“I thank you and I’ll never be too far away from this stadium; I look forward to always seeing you.”
That was the message from Tim Howard as he announced his retirement from football, just last September. Spending a total of four seasons with the Colorado Rapids, Howard racked up 185 league appearances; adding to his earlier total with the New York MetroStars with whom he played for in the early 00’s.
Howard spent almost a decade in English football. First with Manchester United, and then Everton, where kept over 100 clean sheets in 329 appearances; cementing himself as a cult hero at the club.
Since his retirement the American has been busy in off the field activities; recently becoming a co-owner of second-tier US Soccer club, Memphis 901 FC. Howard was named sporting director last month and remarkably signed a one-year contract with the club, at the ripe old age of 41.
“Since my retirement, my obsession for football has grown,” Howard expressed in a statement prior to his unveiling. “The desire to win continues to drive me. I love to play and love to compete, this gives me the opportunity to do both.”
Howard has had a residency in Memphis for a number of years, juggling his time between the city and his home-state of New Jersey. The lack of footballing identity, combined with his passion for the city was what spearheaded the creation of the team. Speaking about his role at the club further, Howard explained: “This is a day I dreamed would happen, but I didn’t know it would happen in Memphis.”
One thing that stands out from Howard’s [quite literal] hands-on involvement with the club, is his pledge of giving something back to the sport that he “owes so much”.
Back in January, following the news of his co-ownership of Memphis, he outlined just how big football has been and still is in his life.
“I never wanted to retire and go too far away from the game. Everything I know and have in my life that is good, is because of football. I was so important that I gave back.”
This appreciation Howard has for football and the opportunities it has given him, undoubtedly is something that he has carried with him to Memphis. Following graduation from high-school, Howard was picked up by the North Jersey Imperials; the result of a solitary $25 coaching session. The man that sanctioned that? Tim Mulqueen, the current Memphis 901 head coach.
It’s these very personal touches from Howard that have made the Memphis project such a special one for the 41-year old.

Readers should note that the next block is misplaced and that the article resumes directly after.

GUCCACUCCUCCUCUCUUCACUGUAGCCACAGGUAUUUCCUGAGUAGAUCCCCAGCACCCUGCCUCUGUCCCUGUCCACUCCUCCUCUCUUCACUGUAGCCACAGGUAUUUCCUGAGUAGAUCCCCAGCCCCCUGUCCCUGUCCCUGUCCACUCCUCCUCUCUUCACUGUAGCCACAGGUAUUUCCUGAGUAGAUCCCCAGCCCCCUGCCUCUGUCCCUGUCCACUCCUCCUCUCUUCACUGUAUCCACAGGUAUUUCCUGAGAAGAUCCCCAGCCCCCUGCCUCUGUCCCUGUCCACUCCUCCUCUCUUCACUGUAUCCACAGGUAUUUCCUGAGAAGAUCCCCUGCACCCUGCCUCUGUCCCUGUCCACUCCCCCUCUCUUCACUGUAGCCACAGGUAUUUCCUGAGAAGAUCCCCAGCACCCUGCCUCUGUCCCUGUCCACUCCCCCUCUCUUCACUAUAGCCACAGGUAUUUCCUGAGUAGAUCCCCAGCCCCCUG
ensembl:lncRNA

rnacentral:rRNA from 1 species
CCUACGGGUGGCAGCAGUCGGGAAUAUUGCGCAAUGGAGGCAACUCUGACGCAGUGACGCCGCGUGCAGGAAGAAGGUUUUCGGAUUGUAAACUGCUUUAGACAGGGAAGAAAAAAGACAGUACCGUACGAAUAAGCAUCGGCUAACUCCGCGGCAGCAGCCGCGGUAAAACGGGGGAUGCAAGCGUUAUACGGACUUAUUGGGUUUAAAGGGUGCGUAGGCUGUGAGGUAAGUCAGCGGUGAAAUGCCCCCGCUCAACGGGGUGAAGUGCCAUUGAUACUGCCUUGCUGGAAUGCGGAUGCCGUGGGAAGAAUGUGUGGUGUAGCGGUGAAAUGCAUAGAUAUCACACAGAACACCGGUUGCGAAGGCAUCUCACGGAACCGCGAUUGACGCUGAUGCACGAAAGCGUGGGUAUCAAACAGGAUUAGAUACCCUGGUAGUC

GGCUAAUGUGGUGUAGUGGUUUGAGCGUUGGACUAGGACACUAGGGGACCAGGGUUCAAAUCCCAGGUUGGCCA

Prior to the investment of Howard and his colleagues, Memphis ended their inaugural USL Championship season five places off the play-offs. One of the key components of the project was an emphasis on technical quality. The off-season provided the club with an opportunity to pick up players of that ilk, one of which being ex-Everton midfielder and free-agent, Jose Baxter.
Born in Bootle, Baxter became the club’s youngest ever player after making his debut on the opening day of the 2008-09 season, aged 16 years and 191 days. Baxter, an academy graduate, was destined for a career at the top, but it was his off-field problems that made the headlines. Arrested on suspicion of possession of drugs and counterfeit money – just months after his breakthrough – stalled what had so far, been a highly promising career.
Following this, Baxter experienced a period of stability. Two seasons at Oldham before a move to Sheffield United. Making over 124 appearances for the club, along with starring role in their run to the 2014 FA Cup semi-final’s, Baxter began to show remnants of the potential first seen at Everton. Unfortunately, however, his time at the South Yorkshire club came to an abrupt end. Two suspensions in nine months for use of ecstasy and cocaine, Baxter was subsequently released by the club in 2016.
With his footballing career in tatters it was now the turn of his former club Everton to get him back on track. Following a string of calls and text messages, chairman Bill Kenwright offered Baxter a 12-month contract to help rebuild his career. In a candid interview with the BBC’s Football Focus programme, Baxter explained how Kenwright had “saved his life” and accredited him as the sole reason for getting him back into football.
Baxter made full use of the lifeline handed to him, with moves back to Oldham and most recently Plymouth Argyle.
Having found himself without a club againearlier this season, Baxter adopted the unorthodox technique of finding himself a new one via LinkedIn.
Within weeks an agent got in touch and informed him of the new USL expansion side Memphis 901 FC expressing an interest in his services. Baxter then almost immediately was contacted by ex-teammate Howard, who conveyed his enthusiasm at free-agent Baxter possibly joining his project.
In an interview with the Athletic, Baxter explained: “When Tim [Howard] found out, he got in touch straight away. He didn’t realize I was looking for a new club but said he’d love to have me here.”
Baxter also eluded to the footballing environment of the US, with it being a place that allows him to both rebuild his career and prove to prospective MLS teams how good he really is.
Everton have long been heralded a family club, one that protects the values of everyone in its community. Its obvious that spirit has translated to even across the Atlantic, Howard speaking so unequivocally in his interviews about both Memphis, along with Baxter’s signing.
[Featured image courtesy of Soc Takes Twitter account; via Memphis 901 FC.]